Billiken Relief: SLU Students Raise Funds for Puerto Rico


Emma Carmody

A Puerto Rico flag flies outside of Mi Caribe, where a fundraiser for the island took place.

In the early morning hours of Wednesday, Sept. 19, Hurricane Maria roared into Puerto Rico, a United States territory, as a Category 4 storm. While the hurricane weakened into a Category 3 over the course of the day as it traveled into Dominica, the destruction it left behind on the Caribbean island was devastating.

With 150 mph winds and torrential rains, Hurricane Maria brought tidal surges of four to six feet to the island, according to the National Hurricane Center. Furthermore, people were left without electricity, clean water, or gas.

“It was really bad listening to the news,” said Sara Vendrell, a junior biomedical engineering student from San Juan, Puerto Rico. “Sometimes they make it seem worse than it is to make a point; however, everything they were saying was true. We’re a very small island and it was a very big hurricane. We were in such big debt, and there was no money to save anything.”

National aid was delayed at first.“The U.S. wasn’t helping as much and it was just frustrating to watch from an outside point of view and watch all your family actually experience it,” said Vendrell. ”And you just can’t do anything,”

SLU students answered the call for aid. Along with a few other students, Vendrell quickly organized a fundraiser at the Caribbean restaurant on Lindell Boulevard, Mi Caribe. The party was largely promoted over social media, with 125 guests marked as “Going” and 258 marked as “Interested” on the Facebook event page.  Vendrell estimated about 200 guests came out to support the cause on Saturday night.

From the $5 cover charge at the door as well as other donations collected throughout the night, they estimated that the amount raised was $2,500. The bar at Mi Caribe also contributed half of its earnings that night, bringing the total amount raised to over $3,000 for the night. “I did not think it would be the success that it was,” said Vendrell. “I was very impressed by the amount of people that showed up.”

Anjali Patel, a junior biomedical engineering student from Bakersfield, Calif., also helped plan the event. “The impact of the situation really hit me on Saturday night when Sara and I were sitting on the steps of Mi Caribe, counting the money, and I could see the tears forming in her eyes,” she said. “She puts on this brave face every day, and it makes it easy to think that this situation is not affecting her, but I know this hasn’t been easy for her, and I wanted to do all I could to help her, her family, and all the other residents of Puerto Rico out.”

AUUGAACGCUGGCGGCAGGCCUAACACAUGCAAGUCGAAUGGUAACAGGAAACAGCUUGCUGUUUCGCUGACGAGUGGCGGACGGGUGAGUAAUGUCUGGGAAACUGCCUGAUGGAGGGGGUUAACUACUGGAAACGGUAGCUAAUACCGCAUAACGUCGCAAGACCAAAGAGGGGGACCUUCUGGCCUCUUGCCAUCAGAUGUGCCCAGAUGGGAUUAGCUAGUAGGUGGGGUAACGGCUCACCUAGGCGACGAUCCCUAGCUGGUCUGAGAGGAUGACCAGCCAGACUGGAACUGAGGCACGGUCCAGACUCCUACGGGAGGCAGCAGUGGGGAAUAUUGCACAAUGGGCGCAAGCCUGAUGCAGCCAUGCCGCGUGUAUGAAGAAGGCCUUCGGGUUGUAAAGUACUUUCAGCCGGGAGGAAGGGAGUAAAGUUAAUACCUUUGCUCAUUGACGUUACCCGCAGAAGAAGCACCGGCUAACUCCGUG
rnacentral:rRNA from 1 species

The proceeds of the night were split in two: half went to Vendrell’s friend back home whose roof was ripped off her house. “She lost everything,” said Vendrell. “It was absolutely terrible. She’s not a U.S. citizen so FEMA wasn’t helping her out, because she didn’t have a social security number. So, she has nothing right now. It’s really tough to see, because these are people I love dearly.”

The other half went to Students With Puerto Rico, an organization that Vendrell’s friend from home started. The movement grew quickly, with representatives raising money and awareness at 121 U.S. colleges and universities.

In addition to SLU’s contribution from the Mi Caribe event, the fundraiser has garnered lots of support from other sources as well. “It got so much attention that even Jimmy Fallon donated $20,000,” said Vendrell. “They have made so much.” At press time, the group has raised over $157,000 towards Hurricane Maria relief.

Fallon was just one of several celebrities who showed support for the victims of Hurricane Maria. Lin Manuel Miranda, the creator and original star of “Hamilton”, raised enough money through Twitter to transport two airplanes of first responders and 15,000 pounds of food to the island. Miranda, a native Puerto Rican, shared a Hispanic Federation donation link in almost every one of his tweets for over a week and urged his 1.75 million followers to donate as much as they could for relief efforts, no matter where they were.

“It’s kind of hard to wrap your head around the situation,” said Patel. “You hear about it, you see the pictures, but you can’t truly imagine what it’s like to be in that situation. Even hearing Sara talk about her family in Puerto Rico—the entire thing seemed unreal.”

In the end, there is still much that can be done for Puerto Rico. Besides financial contributions, Vendrell and Patel both stressed the importance of raising awareness.

“It’s a really big issue and people are not aware of what’s happening, so the government is just not doing as much,” said Vendrell. “If people were more aware of what’s going on, maybe they’d be pressured into actually doing something.”

To donate to Hurricane Maria relief, go to .